This sample I got is 1/2"x4' and it runs off a 9v battery via an included driver box.
I think I've figured out what lengths and widths I need to buy. I made a diagram to help me visualize and keep track of everything:
(Measurements are all in inches.)
The dash mark lines at the top are the non-center curves on the shoulder bells. Since it's a curve along the off center surface of a sphere I can't have a singular strip because the strip would have to curve and light tape doesn't curve. So it'll be one big strip down the center and 5 small strips along each side. I'll be using my sample piece for the small strips.
Hopefully it's not too hard to connect everything together, but if anything it won't be harder than doing LEDs, so there's that.
The tape doesn't work for lighting the visor so I'll have to figure something else out for that - maybe just a couple LEDs.
Yay! I am SO glad this is working out.
Been watching this thread for a while now and I've got to say your work is great and the progress has been a joy to watch. Amazing job!
Out of curiosity, where did you get your EL tape?
The lights look great! Nice alternative to classic LEDs.
This all looks amazing! Those EL strips look similar to what they used for the suits in TRON. Those had extremly short battery life though. Any plans for a power source yet?
to add in for power source. If you have the space look at adding a nice rechargeable battery and a Boost converter. that way you can use almost any power source (cough USB backup end cough) and have it deliver the power you need
I got my tape here: Light TapeŽ
Bleh. Well, for some reason even the gesso is able to be peeled off my thigh armor. I don't know what the deal is. It's possible that gesso is always able to be peeled off but I never saw it happen previously. The thigh had a little bondo on it when I applied the gesso over the entire thing. When the gesso started peeling off the bondo, as I discovered it does, it created edges for the gesso to continue peeling off the worbla as well (even with the thigh roughed up for adhesion). The bicep and shoe tongues had no issue with gesso. So I guess maybe you just absolutely have to have a coat of gesso over the entire thing all at once and be careful not to sand through it.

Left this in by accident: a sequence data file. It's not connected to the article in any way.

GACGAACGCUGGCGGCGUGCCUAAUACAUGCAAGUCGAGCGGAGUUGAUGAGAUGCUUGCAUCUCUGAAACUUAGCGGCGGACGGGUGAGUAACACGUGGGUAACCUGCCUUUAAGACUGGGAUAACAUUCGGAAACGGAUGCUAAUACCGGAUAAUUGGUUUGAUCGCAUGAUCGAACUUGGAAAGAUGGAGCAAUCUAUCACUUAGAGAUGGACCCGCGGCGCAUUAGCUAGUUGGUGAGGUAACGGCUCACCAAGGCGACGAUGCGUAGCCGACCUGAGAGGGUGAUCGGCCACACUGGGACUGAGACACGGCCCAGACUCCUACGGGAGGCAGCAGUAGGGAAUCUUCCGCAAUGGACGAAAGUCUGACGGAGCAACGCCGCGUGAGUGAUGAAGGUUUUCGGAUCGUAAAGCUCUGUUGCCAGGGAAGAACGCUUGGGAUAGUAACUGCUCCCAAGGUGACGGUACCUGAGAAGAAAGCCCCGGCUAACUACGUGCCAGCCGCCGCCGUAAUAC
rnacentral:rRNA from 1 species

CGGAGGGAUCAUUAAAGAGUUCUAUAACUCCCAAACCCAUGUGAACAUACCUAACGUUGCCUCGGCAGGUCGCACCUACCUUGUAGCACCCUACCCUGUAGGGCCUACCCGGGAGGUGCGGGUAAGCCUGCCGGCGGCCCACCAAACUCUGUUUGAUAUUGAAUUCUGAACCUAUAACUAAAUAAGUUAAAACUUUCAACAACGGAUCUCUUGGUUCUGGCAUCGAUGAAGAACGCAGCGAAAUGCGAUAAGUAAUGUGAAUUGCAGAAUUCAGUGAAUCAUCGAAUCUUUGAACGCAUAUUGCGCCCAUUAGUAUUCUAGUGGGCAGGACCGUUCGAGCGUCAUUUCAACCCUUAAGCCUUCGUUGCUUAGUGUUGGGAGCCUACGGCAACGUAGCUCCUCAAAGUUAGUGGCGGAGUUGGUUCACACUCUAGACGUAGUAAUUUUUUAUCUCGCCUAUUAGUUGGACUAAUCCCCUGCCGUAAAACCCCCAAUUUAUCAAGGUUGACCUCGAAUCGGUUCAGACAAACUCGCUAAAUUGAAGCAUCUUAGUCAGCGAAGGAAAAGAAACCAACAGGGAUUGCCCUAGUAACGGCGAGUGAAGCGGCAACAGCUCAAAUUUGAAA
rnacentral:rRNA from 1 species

A coworker/friend of mine suggested I try Apoxie Sculpt. I've read it's a fair bit heavier than bondo (although it doesn't seem that much different to me) but on the other hand this stuff sticks to damn near anything and is rock hard when cured (bondo tends to stay a bit rubbery or sticky even when fully, properly cured). I tried it out on one side of one of the shoe tongues and I really like working with it. No fumes, 2-3 hour working time, is clay-like so it's easy to build up corners and make it very smooth even before sanding. I'm hesitant to apply it to the larger pieces like the thigh and shins though.
Anyone have experience working with this stuff?
The inside of the tongue before and after sanding:
Now that I know the EL tape is going to work, I began work on the shins again. I was concerned that they were going to end up being too tight so I did some surgery on the inside and removed the layer of worbla and the inner foam, then reinforced it with a layer of worbla and angled the cut edges so it would be comfortable. So far it seems to help a lot.